On many weekends, the 94,000-seater venue that hosted key games during the 2010 tournament is pumping, either with the roars of soccer fans or chant of concert-goers, an example of enduring, direct returns accrued by host nation South Africa. The stadium, which underwent a 1.5 billion rand ($150 million) facelift for the event, comfortably pays its own way, according to its website, with fixtures ranging from Soweto soccer derbies to concerts by the likes of Lady Gaga and U2. After Supreme Court Rejects Appeal, Will Obama Jail New York Times Reporter James Risen? David Cameron is using up valuable political capital in blocking Juncker | Guy Verhofstadt. ‘There is a clear imperative to address the growing disconnect between Europe’s institutions and the voters.’ Photograph: Patrick Hertzog/AFP/Getty Images David Cameron joins his German, Dutch and Swedish counterparts tomorrowin Stockholm to discuss Europe's future, and to try to square the circle over the appointment of the next commission president ahead of a crucial EU summit this month and the inaugural session of the new European parliament at the beginning of July where new MEPs will vote on the European Council's nomination.

Britain's objections to the appointment of Jean-Claude Juncker are once more forcing Cameron to expend valuable political capital. But at least he is keeping up a long British tradition. I myself was a candidate for commission president in 2004 (with support from France and Germany) but was blocked by Tony Blair for being too pro-European. EU leaders subsequently settled on José Manuel Barroso. The Best Evidence Yet That Stephen Colbert Is Better Than Fox, MSNBC and CNN. The news: Jon Stewart would be the first person to tell you that The Daily Show is just a show that followed "puppets making crank phone calls. " But a recent study by the Annenberg Public Policy Center titled found that fellow funnyman Stephen Colbert might be doing a better job of educating the country on serious issues like campaign finance than coverage from actual cable news shows on CNN, Fox News, MSNBC and broadcast networks. "It's the first study actually showing that Colbert is doing a better job than other news sources at teaching people about campaign financing," lead author Bruce W.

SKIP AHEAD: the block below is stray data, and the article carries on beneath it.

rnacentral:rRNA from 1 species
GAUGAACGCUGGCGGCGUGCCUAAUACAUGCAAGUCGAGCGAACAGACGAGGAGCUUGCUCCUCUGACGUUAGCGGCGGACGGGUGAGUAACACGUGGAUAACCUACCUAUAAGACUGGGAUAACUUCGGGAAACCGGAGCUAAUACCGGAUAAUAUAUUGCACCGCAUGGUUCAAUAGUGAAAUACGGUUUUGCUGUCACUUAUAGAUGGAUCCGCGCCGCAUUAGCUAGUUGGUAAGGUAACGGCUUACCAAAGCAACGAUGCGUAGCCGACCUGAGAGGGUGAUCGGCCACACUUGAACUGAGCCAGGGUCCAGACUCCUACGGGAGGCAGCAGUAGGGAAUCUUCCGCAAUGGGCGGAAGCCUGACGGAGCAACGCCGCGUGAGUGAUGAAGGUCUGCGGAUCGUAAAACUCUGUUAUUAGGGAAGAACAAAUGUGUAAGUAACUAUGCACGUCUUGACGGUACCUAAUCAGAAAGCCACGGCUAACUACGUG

Hardy, a senior researcher at the APPC, is quoted as saying. "Consistently, we found that Colbert did better than every other news source we included in our model. " In 2011, The Colbert Report examined campaign finance under Citizens United by creating a super PAC called "Americans For a Better Tomorrow, Tomorrow. " How did Colbert become America's smartest teacher?

Tom McKay. Relatives-of-victims-of-drone-strikes-drop-appeal. WASHINGTON — The relatives of three United States citizens killed in American drone strikes without trial, including Anwar al-Awlaki, a radical Muslim cleric, have decided not to appeal a federal judge’s dismissal of a lawsuit they filed against Obama administration officials. The lawsuit sought unspecified damages against several top national security officials for the deaths from two drone strikes in Yemen in 2011; the victims also included Samir Khan and Mr.

Awlaki’s teenage son, Abdulrahman al-Awlaki. In April, Judge Rosemary M. Collyer of the Federal District Court for the District of Columbia dismissed the case, deferring to the government’s national-security arguments. In a statement, Nasser al-Awlaki, the father of Mr. Awlaki and the grandfather of Abdulrahman, said he had lost faith in the American courts. The older Mr. Government officials have said that Mr. Jurors hear of deputies' attempt to coerce FBI agent - Los Angeles Times. Two Los Angeles County Sheriff's Department sergeants showed up at an FBI agent's home in September 2011 and told her that they were in the process of obtaining a warrant for her arrest.